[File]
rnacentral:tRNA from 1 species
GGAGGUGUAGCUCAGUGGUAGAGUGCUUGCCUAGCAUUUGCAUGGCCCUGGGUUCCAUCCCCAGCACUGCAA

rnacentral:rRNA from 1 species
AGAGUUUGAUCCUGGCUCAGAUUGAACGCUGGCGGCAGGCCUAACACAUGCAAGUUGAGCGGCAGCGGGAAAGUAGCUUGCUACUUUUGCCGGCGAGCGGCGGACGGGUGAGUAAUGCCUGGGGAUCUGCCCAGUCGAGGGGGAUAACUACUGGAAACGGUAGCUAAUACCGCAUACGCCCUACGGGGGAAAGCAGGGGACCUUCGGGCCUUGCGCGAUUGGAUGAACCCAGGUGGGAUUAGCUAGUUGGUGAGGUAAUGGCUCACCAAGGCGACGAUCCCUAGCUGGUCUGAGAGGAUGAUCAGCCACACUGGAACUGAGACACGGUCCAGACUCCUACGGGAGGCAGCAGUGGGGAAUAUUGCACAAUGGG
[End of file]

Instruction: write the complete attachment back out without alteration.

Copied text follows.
rnacentral:tRNA from 1 species
GGAGGUGUAGCUCAGUGGUAGAGUGCUUGCCUAGCAUUUGCAUGGCCCUGGGUUCCAUCCCCAGCACUGCAA

rnacentral:rRNA from 1 species
AGAGUUUGAUCCUGGCUCAGAUUGAACGCUGGCGGCAGGCCUAACACAUGCAAGUUGAGCGGCAGCGGGAAAGUAGCUUGCUACUUUUGCCGGCGAGCGGCGGACGGGUGAGUAAUGCCUGGGGAUCUGCCCAGUCGAGGGGGAUAACUACUGGAAACGGUAGCUAAUACCGCAUACGCCCUACGGGGGAAAGCAGGGGACCUUCGGGCCUUGCGCGAUUGGAUGAACCCAGGUGGGAUUAGCUAGUUGGUGAGGUAAUGGCUCACCAAGGCGACGAUCCCUAGCUGGUCUGAGAGGAUGAUCAGCCACACUGGAACUGAGACACGGUCCAGACUCCUACGGGAGGCAGCAGUGGGGAAUAUUGCACAAUGGG